Prof. Martin C. Schmalz, PhD
Member of the International Faculty
Associate Professor of Finance, Saïd Business School, University of Oxford
Martin Schmalz is an Associate Professor of Finance (with tenure) at the University of Oxford’s Saïd Business School. He previously served as the NBD Bancorp Assistant Professor in Business Administration, Harry H. Jones Research Scholar, and as an Assistant Professor of Finance at the University of Michigan’s Stephen M. Ross School of Business and a Faculty Affiliate of the Center on Finance, Law, and Policy at the University of Michigan. He holds a graduate degree (Dipl.-Ing.) in mechanical engineering from the Universität Stuttgart (Germany) and a M.A. and PhD in Economics from Princeton University (USA).
Schmalz has published papers on entrepreneurship, corporate finance and governance, behavioral finance and asset pricing, and various studies of the asset management industry. His research on how the ownership structure of firms affects firm behavior and market outcomes has affected policy-making and antitrust enforcement worldwide. He was invited to present to regulators and policy makers across the globe, including the US Department of Justice, The White House Council of Economic Advisers, European Commission, European Parliament, OECD, various central banks, and at universities across America, Europe, Asia, and Australia.
- Anxiety in the Face of Risk, with Thomas Eisenbach, Journal of Financial Economics, 121(2), 2016, pp. 414-426.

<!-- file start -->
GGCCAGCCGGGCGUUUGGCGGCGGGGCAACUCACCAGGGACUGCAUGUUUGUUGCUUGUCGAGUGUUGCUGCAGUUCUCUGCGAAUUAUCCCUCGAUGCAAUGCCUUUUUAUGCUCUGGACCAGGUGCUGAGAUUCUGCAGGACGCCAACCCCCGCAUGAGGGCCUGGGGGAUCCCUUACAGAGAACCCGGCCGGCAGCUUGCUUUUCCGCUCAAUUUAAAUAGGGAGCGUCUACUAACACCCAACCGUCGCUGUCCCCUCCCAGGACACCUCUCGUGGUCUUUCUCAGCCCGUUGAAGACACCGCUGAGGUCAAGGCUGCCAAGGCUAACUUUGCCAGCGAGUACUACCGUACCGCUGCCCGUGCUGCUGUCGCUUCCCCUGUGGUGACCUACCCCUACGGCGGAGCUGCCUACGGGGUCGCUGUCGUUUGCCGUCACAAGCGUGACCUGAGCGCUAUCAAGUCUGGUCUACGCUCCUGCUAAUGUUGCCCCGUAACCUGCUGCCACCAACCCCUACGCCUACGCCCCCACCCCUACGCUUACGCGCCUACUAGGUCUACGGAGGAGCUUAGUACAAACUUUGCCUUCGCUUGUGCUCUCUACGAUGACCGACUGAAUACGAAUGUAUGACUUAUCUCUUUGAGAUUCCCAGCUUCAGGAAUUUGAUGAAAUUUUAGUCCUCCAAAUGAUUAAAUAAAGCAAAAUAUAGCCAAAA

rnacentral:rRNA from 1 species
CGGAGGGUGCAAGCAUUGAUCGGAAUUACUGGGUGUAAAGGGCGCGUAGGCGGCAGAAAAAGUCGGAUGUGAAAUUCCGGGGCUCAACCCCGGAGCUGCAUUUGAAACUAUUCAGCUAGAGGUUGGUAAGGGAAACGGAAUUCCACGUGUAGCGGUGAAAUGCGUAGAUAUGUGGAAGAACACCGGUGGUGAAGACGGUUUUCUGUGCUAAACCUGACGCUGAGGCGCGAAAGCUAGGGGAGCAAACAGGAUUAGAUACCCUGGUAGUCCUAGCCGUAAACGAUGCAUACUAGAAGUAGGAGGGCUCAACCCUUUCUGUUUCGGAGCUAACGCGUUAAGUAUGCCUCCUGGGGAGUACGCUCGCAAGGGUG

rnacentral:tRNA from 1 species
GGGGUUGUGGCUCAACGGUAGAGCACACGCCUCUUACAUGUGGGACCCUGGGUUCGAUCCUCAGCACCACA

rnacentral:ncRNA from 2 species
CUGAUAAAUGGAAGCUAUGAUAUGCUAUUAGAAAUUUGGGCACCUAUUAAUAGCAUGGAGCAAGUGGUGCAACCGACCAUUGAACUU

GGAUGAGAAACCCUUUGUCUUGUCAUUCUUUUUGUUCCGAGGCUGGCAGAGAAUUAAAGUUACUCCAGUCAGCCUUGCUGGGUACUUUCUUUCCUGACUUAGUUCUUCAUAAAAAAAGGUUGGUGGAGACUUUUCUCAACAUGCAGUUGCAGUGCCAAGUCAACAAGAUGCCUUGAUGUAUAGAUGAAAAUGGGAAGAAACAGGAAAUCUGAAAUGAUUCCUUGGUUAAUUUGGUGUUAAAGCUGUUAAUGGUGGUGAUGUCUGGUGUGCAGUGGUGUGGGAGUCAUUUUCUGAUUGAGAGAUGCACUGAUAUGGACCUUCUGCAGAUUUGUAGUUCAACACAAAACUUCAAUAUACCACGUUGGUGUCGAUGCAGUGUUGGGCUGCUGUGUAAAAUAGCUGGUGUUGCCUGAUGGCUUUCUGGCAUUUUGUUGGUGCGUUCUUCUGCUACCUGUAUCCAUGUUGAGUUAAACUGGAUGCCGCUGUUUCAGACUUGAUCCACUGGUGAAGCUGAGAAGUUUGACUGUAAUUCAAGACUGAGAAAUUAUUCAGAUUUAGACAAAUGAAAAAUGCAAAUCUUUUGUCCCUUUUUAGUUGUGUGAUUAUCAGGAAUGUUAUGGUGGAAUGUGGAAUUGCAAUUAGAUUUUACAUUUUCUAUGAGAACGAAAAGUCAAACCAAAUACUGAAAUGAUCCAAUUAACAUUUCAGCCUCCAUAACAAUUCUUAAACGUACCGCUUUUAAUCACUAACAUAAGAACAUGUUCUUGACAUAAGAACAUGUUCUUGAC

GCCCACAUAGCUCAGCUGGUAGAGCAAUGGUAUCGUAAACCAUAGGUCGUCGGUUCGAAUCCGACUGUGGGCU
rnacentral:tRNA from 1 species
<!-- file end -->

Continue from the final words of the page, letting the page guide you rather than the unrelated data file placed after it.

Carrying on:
- Can Changes in the Cost of Carry Explain the Dynamics of Corporate Cash Holdings? (w/ Azar & J-F Kagy), Review of Financial Studies, 29(8), 2016, pp. 2194-2240.
- Fund Flows and Market States, with Francesco Franzoni, Review of Financial Studies, 30(8), 2017, pp. 2621-2673.
- Anticompetitive Effects of Common Ownership, with José Azar and Isabel Tecu, Journal of Finance, 73(4), 2018, pp. 1513-1565.
- Revealing Downturns, with Sergey Zhuk, Review of Financial Studies, 32(1), 2019, pp. 338-373.
Contribution to KPA II:
Martin Schmalz is a financial economist. His research at the interface of financial markets and behavioral research ideally enriches and complements KPA II's “Design & Behavior” focus in both, the Center of Excellence C-SEB and the Cluster of Excellence ECONtribute. Moreover, his expertise in data science and Artificial Intelligence technologies nicely complements the methods expertise in Cologne and is a superb basis for collaborations in economic design projects.